Do you successfully fail?
I’ve had a few conversations recently about failure and it got me to thinking about the nature of failure and the small business owner.
The reality is that if you’re human, you are going to fail.
Unfortunately failure has an undeserved bad reputation and most people either want to avoid it like the plague or fear it enough that it drives their behavior in irrational ways.
However an important point to remember is that avoiding failure doesn’t mean success, it more than likely means that you are average/ mediocre / unremarkable.
I generally hate to resort to sports cliches, but there are some great parallels between sports, life and business when it comes to success and failure.
And there’s not a better example of that situation than Michael Jordan, arguably the greatest basketball player to ever lace up the sneakers.
Michael Jordan on Failure
Most people know that Michael was cut from his high school basketball team, but here are a few quotes from him that I think really put this into perspective:
I’ve missed more than 9000 shots in my career. I’ve lost almost 300 games. 26 times, I’ve been trusted to take the game winning shot and missed. I’ve failed over and over and over again in my life. And that is why I succeed. – Michael Jordan
I can accept failure, everyone fails at something. But I can’t accept not trying. – Michael Jordan
If you’re trying to achieve, there will be roadblocks. I’ve had them; everybody has had them. But obstacles don’t have to stop you. If you run into a wall, don’t turn around and give up. Figure out how to climb it, go through it, or work around it. – Michael Jordan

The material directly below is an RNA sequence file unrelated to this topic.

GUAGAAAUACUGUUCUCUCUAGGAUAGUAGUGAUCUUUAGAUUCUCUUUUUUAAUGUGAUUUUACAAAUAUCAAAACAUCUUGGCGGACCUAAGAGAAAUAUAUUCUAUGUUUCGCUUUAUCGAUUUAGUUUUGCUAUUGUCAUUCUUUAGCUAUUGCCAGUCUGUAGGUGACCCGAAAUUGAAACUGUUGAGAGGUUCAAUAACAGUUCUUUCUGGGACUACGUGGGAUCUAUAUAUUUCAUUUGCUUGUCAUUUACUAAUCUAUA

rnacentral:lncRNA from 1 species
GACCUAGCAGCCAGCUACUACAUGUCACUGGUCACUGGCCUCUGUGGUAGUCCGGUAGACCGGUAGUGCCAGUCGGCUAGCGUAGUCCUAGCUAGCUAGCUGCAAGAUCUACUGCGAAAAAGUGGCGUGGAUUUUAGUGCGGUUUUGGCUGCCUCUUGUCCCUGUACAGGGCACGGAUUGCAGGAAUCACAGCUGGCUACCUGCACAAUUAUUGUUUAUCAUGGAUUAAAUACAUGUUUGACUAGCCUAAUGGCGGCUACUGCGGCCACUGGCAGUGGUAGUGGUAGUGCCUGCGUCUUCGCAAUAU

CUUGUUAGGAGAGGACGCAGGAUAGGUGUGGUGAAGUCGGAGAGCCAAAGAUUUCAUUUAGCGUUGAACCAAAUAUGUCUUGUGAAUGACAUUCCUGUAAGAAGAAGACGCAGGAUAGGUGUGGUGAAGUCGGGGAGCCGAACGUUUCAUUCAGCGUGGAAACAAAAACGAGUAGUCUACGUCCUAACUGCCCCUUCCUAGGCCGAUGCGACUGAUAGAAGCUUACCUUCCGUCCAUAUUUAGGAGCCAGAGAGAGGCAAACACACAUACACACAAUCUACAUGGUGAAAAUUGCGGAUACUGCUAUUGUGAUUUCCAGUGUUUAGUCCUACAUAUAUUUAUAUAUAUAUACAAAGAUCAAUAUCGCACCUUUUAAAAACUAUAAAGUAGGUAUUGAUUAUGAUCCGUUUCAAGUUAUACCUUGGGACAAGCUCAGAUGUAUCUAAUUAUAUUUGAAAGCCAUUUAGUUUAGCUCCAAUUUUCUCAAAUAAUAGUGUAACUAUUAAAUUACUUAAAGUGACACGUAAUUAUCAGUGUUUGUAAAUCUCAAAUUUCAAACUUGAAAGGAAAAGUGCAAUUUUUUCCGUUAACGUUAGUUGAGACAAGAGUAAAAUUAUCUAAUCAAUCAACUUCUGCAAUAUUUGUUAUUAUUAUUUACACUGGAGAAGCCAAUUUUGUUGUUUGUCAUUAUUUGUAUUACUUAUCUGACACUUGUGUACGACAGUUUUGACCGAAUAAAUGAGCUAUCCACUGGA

The key is to learn from those mistakes, those failures and apply that knowledge to make yourself better. It’s easier said than done, the instinctive response is to either bury your failure and hope no one noticed, renounce your failure (often by blaming someone or something else), or to over react to your failure and declare that the whole thing was bad and there’s nothing positive to be taken out of it.
How to fail successfully
My experience and feedback I’ve gotten from many people that are much more capable than I am is that you need to embrace your failures, learn what you can from them and then move on not allowing them to linger.
Henry Ford failed repeatedly before the Model T got the ball rolling for him.
Thomas Edison once said “I have not failed, I’ve just found 10,000 ways that won’t work”.
If you can take the emotion out of it, at least enough to move forward, then you can treat it more like a scientific experiment – drop what doesn’t work and try again with what seems to work.
As a parent, I hate to see my kids fail at something, but I also know that I wouldn’t be doing them any favors by keeping them from that experience. Arguably the only way you can truly grow is through experiencing failure. If you embrace your failure you will:
- Learn at least 1 thing that went wrong (and hopefully not repeat at least that 1 thing).
- Re-emphasize that it sucks to lose and the only way to stop losing is to try harder.
- Enable you to demonstrate to yourself and others that you are capable of bouncing back.
If you can accept the fact that failure, setbacks, roadblocks are all part of the challenge. That they are to be expected and learned from, then it’s not too hard to imagine moving to a point where you can look at the longer view and reap the benefits of failing successfully.
Failing successfully means that you don’t quit, that you keep your eye on the long term goal and plan and that you learn everything you can about how and why you failed. The payoff is that you are that much closer to finding a way to move forward successfully – all because you learned from that failure and moved on.
Finally – here’s a video on Famous Failures that I thought was really well done – enjoy it.
Let me know what you think about failure. Can you think of any great examples of businesses that had the kind of turnaround that Jordan had? What do you do to make sure you fail successfuly? Share your thoughts here.
Shawn Kinkade www.aspirekc.com